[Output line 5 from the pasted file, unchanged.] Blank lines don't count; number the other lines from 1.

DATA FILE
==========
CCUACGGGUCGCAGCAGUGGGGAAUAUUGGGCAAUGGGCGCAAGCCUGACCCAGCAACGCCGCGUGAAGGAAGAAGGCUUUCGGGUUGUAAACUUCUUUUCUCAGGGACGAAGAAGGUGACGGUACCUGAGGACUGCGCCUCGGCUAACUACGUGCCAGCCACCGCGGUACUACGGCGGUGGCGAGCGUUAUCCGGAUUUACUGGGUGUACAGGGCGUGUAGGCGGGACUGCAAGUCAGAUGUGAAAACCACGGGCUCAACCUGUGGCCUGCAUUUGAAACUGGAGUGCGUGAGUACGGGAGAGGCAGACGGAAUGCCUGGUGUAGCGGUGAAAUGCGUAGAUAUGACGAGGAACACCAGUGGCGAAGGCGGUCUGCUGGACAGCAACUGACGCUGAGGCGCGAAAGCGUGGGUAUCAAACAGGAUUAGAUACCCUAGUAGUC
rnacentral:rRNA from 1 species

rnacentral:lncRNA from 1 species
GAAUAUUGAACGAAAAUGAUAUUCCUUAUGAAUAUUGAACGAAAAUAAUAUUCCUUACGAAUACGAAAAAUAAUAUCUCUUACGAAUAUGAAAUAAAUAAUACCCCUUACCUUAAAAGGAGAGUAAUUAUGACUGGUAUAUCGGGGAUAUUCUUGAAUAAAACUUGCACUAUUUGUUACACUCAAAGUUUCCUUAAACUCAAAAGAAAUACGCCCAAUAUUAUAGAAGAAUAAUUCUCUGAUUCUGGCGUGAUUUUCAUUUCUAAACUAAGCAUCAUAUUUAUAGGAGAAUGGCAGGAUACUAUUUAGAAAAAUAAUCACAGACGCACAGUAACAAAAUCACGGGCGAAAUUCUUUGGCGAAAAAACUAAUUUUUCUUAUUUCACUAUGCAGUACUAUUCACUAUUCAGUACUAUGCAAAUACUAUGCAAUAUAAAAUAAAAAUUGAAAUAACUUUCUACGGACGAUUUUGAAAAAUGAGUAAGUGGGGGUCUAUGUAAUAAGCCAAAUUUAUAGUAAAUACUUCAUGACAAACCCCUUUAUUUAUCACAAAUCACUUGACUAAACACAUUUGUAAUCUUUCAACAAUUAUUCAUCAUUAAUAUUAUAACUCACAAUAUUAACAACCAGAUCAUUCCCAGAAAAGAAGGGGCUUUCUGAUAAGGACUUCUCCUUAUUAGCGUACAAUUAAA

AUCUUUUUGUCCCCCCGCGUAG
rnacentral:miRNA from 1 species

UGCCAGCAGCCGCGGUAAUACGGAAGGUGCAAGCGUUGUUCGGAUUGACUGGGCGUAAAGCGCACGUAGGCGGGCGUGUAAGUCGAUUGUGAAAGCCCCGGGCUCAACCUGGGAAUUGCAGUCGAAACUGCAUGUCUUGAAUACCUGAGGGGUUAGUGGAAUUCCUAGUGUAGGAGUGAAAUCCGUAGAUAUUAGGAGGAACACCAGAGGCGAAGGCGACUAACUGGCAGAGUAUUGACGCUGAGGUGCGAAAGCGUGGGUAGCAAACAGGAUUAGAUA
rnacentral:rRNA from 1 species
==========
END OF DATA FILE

AUCUUUUUGUCCCCCCGCGUAG